Library marks new era of educational opportunities for East Boston Residents
Mayor Thomas M. Menino will join Boston Public Library President Amy E. Ryan, elected officials, and East Boston residents on Saturday, November 2, to open Boston Public Library’s new East Boston Branch, located at 365 Bremen Street. The opening of the library marks a new era of educational opportunities for one of Boston’s most dynamic and growing neighborhoods. View a gallery of East Boston Branch images and read stories about the East Boston Branch on the library’s Compass blog.
“East Boston residents already know how important libraries are, and they are going to love this one. It will serve as an educational center for the whole community, bringing together children, teens, and adults for opportunities to read, learn, and contribute positively to our city,” Mayor Menino said.
The new library will open to the public at 11 a.m. on Saturday. Remarks and the official ribbon cutting will take place at 2 p.m. Programs for children and teens are scheduled throughout Saturday afternoon.
At 15,000 square feet in size and with space to accommodate nearly 20,000 books, CDs, and DVDs, the new East Boston Branch features an open floor plan with dedicated areas for children, teens, and adults. The creation of a dedicated space for teens is new for library service in East Boston as is the creation of an early literacy nook in the children’s area, the first in the Boston Public Library system. Other features of the library include free building-wide wifi, 54 computers available for public use, a flexible multipurpose room, and a quiet reading room with materials dedicated to East Boston’s history.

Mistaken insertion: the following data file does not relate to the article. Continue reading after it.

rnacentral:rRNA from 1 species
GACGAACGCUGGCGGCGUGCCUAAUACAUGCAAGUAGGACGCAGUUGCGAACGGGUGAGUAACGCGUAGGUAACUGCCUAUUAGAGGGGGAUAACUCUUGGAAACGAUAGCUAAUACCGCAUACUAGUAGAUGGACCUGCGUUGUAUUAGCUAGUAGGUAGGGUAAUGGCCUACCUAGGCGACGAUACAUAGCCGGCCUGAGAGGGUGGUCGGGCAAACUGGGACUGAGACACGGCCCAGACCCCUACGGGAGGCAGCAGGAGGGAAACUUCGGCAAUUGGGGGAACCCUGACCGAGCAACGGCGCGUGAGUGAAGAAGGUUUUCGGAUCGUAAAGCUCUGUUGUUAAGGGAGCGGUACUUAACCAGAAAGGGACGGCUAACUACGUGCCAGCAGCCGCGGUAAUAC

“Libraries have never been more important than they are today,” said Amy E. Ryan, President of the Boston Public Library. “The opening of this branch is a celebration of tireless community support. It is also a promise to East Boston residents of today and tomorrow that the library will be an active partner in their learning and a welcoming place for all.”
The new library overlooks scenic Bremen Street Park, complete with views of the Boston skyline from the library’s inviting reading porch. The diversity of East Boston is signified and celebrated by stone pavers on the exterior of the branch that show the name and distance to the capital cities of the top 21 countries of origin of the residents of East Boston.
Following Saturday’s grand opening, the public service hours for the new East Boston Branch will be Mondays 12 – 8 p.m., Tuesdays and Wednesdays 10 a.m. – 6 p.m., Thursdays 12 – 8 p.m., and Fridays and Saturdays 9 a.m. – 5 p.m. The East Boston Branch is located close to MBTA bus routes, East Boston Greenway, and the Airport stop on the Blue Line.
Boston Public Library’s new East Boston Branch was designed by William Rawn Associates Architects, Inc., and is a capital project of the City of Boston, managed by the Property and Construction Management Department. The project budget is $17.25 million. Massachusetts Board of Library Commissioners supported the project with a grant of $7.25 million. The branch was designed for building and energy efficiency, and will achieve LEED certification from the United States Green Building Council. A fact sheet (PDF) on the new East Boston Branch is available for download from the Boston Public Library website along with in-progress construction photos.
Boston Public Library has a Central Library, twenty-four branches, a literacy center, map center, business library, and a website filled with digital content and services. Established in 1848, Boston Public Library has pioneered public library service in America. It was the first publicly supported municipal library in America, the first public library to lend books, the first to have a branch library, and the first to have a children’s room. Each year, the Boston Public Library hosts thousands of programs and serves millions of people. All of its programs and exhibitions are free and open to the public. At Boston Public Library, books are just the beginning. To learn more, visit www.bpl.org.
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